The European Middle Ages lasted for a millennium after the fall of the Roman Empire (c. 450). Most of the objects in this gallery date to the High Middle Ages (1100–1400), a period of great political, intellectual, and economic growth. During this time, the regions of England, France, Germany, and Italy, among others, began to take shape as political entities, and the first universities were founded in Oxford, Paris, and Bologna. Economies became less agrarian and more mercantile, and growing cities drew artisans and merchants who stimulated trade. Exchange developed between the eastern Byzantine Empire (c. 330–1453) and western Europe with the trafficking of precious materials, books, and knowledge. Many of the artistic traditions of Byzantium, centered in Constantinople, were emulated in the West, as evidenced by objects here. Wealth spread to a burgeoning middle class, and individual patrons commissioned works of art for private devotion.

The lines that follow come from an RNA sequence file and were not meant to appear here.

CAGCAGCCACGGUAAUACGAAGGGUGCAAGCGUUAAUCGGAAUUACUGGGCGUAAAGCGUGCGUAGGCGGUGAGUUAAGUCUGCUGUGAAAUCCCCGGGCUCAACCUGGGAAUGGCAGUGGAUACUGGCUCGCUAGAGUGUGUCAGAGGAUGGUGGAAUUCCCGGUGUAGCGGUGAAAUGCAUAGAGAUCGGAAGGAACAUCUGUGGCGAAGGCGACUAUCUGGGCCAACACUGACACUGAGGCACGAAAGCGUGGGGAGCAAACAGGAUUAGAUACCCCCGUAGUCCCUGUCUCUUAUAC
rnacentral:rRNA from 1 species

Through the patronage of monasteries, parish churches, and cathedrals—among the wealthiest and most powerful institutions of their time—ornate objects were produced for ecclesiastical purposes. Censers, reliquaries, and crosses, used to celebrate Mass, were made of rare and costly materials, befitting the stature of the saints and God.
Churches and public spaces were elaborately decorated. Some objects, such as depictions of the Virgin and Child, could be carried in procession or placed in chapels for prayer or contemplation. Several of the works in this gallery were once architectural elements or parts of larger objects. Their fragmentary nature reminds us of both the complex artistic programs to which they once belonged and the way museums necessarily separate art from its original context.